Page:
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Lebanon

Lebanon Government Stats

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The Lebanese parliament finally elected General Michel Suleiman as president in May 2008 after six months of political stalemate that followed the departure of the previous president, Emile Lahoud, in November 2007.

The agreement that paved the way for his election ended some of the worst factional violence since Lebanon's 1975-1990 civil war.

As mounting clashes raised fears of a renewed civil war, the Western-backed government and the Hezbollah-led opposition agreed on General Suleiman - the head of the country's armed forces - as a compromise candidate.

On taking office, the new president hailed the opening of a new phase in Lebanese history, saying that his fellow countrymen had "refused to succumb to self-destruction".

General Suleiman stood unopposed for the presidency, and is widely seen as a unifying figure, whose apparent neutrality has earned him the respect of both sides of the political divide. He is credited with having kept the army on the sidelines in times of political crisis.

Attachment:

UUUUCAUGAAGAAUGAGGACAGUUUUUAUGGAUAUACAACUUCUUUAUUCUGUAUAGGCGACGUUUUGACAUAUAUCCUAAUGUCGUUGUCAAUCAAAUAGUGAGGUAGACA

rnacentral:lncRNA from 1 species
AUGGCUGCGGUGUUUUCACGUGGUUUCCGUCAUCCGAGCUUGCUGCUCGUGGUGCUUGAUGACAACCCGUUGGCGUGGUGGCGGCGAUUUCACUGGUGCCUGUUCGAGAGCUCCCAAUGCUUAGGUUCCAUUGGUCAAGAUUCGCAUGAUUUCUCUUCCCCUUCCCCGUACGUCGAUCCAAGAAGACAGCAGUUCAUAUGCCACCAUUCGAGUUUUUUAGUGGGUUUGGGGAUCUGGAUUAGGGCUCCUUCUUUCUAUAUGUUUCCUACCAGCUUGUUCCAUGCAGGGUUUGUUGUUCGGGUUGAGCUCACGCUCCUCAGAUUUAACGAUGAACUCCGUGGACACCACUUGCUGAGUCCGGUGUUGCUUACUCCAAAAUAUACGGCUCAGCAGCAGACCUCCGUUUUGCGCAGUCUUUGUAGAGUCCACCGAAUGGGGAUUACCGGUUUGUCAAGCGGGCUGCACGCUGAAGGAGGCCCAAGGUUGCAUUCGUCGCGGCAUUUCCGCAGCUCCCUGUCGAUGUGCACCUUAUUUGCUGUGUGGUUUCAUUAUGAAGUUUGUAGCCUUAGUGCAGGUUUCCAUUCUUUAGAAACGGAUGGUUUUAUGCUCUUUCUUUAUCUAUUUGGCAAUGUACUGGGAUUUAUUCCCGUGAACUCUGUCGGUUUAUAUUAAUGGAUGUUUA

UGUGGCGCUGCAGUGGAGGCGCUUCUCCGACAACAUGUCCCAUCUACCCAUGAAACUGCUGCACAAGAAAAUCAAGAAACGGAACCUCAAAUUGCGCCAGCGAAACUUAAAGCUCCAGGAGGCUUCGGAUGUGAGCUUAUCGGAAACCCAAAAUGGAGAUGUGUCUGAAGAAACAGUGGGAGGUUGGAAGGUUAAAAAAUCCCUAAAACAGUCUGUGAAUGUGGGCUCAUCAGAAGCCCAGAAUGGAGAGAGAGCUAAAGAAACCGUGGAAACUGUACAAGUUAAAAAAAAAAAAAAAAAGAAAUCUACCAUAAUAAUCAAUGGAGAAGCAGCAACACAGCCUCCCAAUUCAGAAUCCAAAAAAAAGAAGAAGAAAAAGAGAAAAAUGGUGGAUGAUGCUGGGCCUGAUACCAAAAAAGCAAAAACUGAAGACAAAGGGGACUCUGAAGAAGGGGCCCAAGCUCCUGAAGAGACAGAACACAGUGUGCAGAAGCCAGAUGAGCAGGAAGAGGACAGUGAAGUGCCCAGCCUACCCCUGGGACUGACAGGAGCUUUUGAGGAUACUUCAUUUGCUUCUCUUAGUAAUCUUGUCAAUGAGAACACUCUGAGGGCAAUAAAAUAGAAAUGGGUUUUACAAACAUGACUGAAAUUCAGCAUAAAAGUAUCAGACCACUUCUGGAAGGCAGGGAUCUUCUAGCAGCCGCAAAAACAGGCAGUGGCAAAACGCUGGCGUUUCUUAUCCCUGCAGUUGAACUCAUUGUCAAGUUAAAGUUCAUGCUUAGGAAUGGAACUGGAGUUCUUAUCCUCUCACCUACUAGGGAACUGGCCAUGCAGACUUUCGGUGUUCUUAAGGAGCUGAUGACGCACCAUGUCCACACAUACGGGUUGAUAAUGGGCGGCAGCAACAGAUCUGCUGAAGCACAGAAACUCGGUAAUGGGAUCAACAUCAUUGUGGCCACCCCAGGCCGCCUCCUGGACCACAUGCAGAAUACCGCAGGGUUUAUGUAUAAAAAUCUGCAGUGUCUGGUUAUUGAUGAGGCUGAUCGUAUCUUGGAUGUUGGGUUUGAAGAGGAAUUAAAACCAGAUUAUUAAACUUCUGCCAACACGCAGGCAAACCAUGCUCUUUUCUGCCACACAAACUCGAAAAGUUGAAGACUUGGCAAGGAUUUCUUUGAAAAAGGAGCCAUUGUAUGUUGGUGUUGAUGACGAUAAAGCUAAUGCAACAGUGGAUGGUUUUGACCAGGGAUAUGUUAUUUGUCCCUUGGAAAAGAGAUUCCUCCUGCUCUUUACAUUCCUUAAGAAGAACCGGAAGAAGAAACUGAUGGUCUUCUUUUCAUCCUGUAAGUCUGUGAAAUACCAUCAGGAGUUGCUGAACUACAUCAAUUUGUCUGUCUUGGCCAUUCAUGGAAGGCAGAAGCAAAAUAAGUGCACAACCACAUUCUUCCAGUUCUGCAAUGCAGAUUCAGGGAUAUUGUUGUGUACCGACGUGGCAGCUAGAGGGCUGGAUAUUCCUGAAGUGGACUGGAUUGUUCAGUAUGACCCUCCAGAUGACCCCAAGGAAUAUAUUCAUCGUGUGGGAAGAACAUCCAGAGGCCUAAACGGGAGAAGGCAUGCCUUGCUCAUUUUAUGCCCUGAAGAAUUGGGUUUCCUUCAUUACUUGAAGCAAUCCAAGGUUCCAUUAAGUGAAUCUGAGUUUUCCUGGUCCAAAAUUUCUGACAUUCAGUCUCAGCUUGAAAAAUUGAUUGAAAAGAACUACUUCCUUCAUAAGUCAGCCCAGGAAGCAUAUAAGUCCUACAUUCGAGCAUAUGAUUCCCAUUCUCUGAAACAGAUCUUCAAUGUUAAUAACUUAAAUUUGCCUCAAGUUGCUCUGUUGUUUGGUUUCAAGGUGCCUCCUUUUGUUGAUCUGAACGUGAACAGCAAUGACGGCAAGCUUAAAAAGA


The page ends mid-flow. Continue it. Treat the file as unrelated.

He is a Maronite Christian, and so his election also met the requirement of Lebanon's complex power-sharing system that the presidency should be held by a member of that sect.

Definitions

  • Administrative divisions: This entry generally gives the numbers, designatory terms, and first-order administrative divisions as approved by the US Board on Geographic Names (BGN). Changes that have been reported but not yet acted on by BGN are noted.
  • Capital city > Geographic coordinates: This entry gives the name of the seat of government, its geographic coordinates, the time difference relative to Coordinated Universal Time (UTC) and the time observed in Washington, DC, and, if applicable, information on daylight saving time (DST). Where appropriate, a special note has been added to highlight those countries that have multiple time zones.
  • Constitution: The dates of adoption, revisions, and major amendments to a nation's constitution
  • Diplomatic representation from the US > Mailing address: This entry includes the chief of mission, embassy address, mailing address, telephone number, FAX number, branch office locations, consulate general locations, and consulate locations.
  • Executive branch > Cabinet: Cabinet includes the official name for any body of high-ranking advisers roughly comparable to a U.S. Cabinet. Also notes the method for selection of members.
  • Executive branch > Elections: Elections includes the nature of election process or accession to power, date of the last election, and date of the next election